December 19, 2013

Now the Hard Part: 3 Weeks to Apportion $1 Trillion

Appropriators from both parties and both sides of the Capitol have opened intentionally secretive negotiations on the mammoth and complex measure necessary to make good on the budgetary truce just called by Congress.

The four-dozen or so members involved have given themselves less than three weeks to agree on the several thousand line items in the bill, which will be written as non-amendable legislation dictating all of the government’s discretionary spending for the final 37 weeks of this budget year.

The enormity of the task and the extraordinarily tight time table would normally present significant obstacles to a smooth or successful outcome. But the lawmakers who have taken the assignment are betting that those challenges will be eased by several factors:

  • The fiscal deal the Senate cleared Thursday, which President Barack Obama will sign before leaving this weekend to spend the holidays in Hawaii, sets a grand total of $1.012 trillion for the package that both parties’ negotiators say they can live with. The figure is $45 billion, or 4.6 percent, more than would have been allowed if the sequester had remained fully on the books.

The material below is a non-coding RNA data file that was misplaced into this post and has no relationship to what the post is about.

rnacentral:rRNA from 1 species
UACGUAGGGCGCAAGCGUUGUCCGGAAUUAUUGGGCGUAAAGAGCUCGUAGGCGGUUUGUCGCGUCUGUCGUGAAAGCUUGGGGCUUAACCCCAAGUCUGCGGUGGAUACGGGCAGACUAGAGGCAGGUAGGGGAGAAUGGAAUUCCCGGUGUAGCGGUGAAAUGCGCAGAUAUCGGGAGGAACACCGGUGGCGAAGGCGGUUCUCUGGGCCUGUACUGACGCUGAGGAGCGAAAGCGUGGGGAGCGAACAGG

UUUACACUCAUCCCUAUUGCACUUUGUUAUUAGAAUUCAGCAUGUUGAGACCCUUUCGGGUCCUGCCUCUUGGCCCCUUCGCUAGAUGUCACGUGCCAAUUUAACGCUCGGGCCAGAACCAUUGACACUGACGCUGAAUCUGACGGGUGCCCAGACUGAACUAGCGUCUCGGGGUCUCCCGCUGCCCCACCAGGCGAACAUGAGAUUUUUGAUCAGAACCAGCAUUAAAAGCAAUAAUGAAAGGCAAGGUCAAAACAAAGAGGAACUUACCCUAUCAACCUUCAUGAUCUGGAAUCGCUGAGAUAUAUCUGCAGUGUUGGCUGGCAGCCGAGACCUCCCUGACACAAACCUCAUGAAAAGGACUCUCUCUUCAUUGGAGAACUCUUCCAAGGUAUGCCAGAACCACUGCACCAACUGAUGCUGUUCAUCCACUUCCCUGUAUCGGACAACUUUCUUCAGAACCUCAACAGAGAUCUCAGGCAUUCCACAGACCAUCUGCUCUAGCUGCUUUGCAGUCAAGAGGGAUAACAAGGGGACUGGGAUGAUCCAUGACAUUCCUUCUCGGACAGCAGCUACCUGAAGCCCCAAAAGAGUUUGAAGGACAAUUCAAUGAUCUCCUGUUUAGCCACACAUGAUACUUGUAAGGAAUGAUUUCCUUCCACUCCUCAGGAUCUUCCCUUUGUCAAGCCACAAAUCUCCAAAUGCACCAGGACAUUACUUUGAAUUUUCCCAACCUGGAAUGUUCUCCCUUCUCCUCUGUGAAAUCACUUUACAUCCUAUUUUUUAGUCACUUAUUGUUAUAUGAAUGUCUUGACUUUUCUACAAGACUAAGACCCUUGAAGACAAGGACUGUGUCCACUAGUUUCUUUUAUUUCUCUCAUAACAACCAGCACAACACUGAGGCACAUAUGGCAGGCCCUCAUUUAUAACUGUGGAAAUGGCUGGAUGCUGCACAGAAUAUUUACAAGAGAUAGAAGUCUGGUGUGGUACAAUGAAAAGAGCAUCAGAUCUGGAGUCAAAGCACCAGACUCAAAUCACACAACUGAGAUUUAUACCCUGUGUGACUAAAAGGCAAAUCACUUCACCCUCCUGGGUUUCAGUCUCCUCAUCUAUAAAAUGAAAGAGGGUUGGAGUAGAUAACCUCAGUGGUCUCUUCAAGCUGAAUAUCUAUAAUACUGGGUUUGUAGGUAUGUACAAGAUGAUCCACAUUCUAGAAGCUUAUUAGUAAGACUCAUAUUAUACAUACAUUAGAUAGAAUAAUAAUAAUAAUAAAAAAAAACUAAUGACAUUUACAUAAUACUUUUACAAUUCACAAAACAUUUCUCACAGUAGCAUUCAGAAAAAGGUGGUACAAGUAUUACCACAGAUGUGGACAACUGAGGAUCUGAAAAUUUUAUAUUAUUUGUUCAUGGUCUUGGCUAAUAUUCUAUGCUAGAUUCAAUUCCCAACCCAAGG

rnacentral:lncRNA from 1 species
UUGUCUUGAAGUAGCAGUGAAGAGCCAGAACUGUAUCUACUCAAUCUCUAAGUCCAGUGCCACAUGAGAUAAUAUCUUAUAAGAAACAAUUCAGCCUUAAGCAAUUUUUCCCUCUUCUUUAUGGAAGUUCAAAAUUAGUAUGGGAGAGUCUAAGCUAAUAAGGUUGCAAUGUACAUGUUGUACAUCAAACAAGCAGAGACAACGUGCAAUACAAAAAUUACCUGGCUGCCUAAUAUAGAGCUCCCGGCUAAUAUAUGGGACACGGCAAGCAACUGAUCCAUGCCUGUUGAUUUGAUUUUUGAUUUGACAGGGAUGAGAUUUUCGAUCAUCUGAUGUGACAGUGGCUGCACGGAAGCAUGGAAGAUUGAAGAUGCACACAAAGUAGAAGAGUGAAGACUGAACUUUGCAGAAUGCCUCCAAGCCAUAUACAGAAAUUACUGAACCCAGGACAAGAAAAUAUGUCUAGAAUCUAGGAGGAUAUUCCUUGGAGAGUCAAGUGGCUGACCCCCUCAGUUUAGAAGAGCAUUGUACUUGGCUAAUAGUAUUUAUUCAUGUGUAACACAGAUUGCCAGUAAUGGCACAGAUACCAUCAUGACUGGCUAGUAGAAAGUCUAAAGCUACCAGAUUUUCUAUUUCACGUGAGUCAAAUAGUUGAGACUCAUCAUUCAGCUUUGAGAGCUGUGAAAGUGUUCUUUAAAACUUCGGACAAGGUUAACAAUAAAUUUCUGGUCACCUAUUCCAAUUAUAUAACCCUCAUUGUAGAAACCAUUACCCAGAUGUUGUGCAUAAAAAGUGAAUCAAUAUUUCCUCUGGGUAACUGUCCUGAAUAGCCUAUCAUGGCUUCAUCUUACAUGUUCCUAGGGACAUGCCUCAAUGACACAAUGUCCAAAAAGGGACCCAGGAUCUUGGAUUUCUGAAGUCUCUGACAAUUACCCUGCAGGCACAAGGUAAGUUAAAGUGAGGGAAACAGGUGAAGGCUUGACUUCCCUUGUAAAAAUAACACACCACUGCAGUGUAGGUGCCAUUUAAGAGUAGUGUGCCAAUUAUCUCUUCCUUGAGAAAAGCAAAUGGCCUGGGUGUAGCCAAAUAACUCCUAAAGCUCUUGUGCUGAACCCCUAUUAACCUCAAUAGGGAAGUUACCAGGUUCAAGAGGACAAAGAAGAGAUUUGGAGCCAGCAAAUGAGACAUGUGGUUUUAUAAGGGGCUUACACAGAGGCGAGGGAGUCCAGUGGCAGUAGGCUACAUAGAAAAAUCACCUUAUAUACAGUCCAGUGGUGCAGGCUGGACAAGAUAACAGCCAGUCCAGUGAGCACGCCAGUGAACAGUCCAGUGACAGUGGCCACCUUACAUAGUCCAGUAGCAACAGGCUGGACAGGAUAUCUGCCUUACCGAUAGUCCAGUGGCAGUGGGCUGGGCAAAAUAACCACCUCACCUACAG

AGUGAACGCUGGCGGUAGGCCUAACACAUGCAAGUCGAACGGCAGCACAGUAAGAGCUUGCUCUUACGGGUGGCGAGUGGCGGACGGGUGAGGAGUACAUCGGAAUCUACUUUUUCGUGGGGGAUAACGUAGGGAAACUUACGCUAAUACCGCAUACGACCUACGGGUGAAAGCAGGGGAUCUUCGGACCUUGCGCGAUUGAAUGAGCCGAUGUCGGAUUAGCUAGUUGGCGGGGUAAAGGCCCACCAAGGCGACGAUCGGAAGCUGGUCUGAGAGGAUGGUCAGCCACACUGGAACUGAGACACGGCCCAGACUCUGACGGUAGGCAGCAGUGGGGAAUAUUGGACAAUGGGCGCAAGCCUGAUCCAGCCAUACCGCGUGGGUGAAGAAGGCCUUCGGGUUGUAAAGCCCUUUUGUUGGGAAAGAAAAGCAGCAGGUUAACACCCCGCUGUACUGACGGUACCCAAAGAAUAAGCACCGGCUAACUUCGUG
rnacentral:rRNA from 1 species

• The vast majority of lawmakers, not to mention hundreds of lobbyists and advocates, will be away from Washington during the next two work weeks. That should afford the negotiators and their aides an opportunity to set their priorities and make their tradeoffs without the usual volume of importuning — a tiny silver lining, also, for having to work through Christmas and New Year’s Eve.
  • The leaders of the talks, Kentucky’s Harold Rogers for the Republican majority in the House and Maryland’s Barbara A. Mikulski for the Democratic majority in the Senate, have agreed to draft the bill as a take-it-or-leave it package deal. Their bet here is that substantial numbers from the rank and file in all four caucuses will be willing to set aside their reservations about the content and their annoyance about the process and vote “yes” — because they know defeating the measure would threaten another government shutdown as the first congressional action of the midterm election year.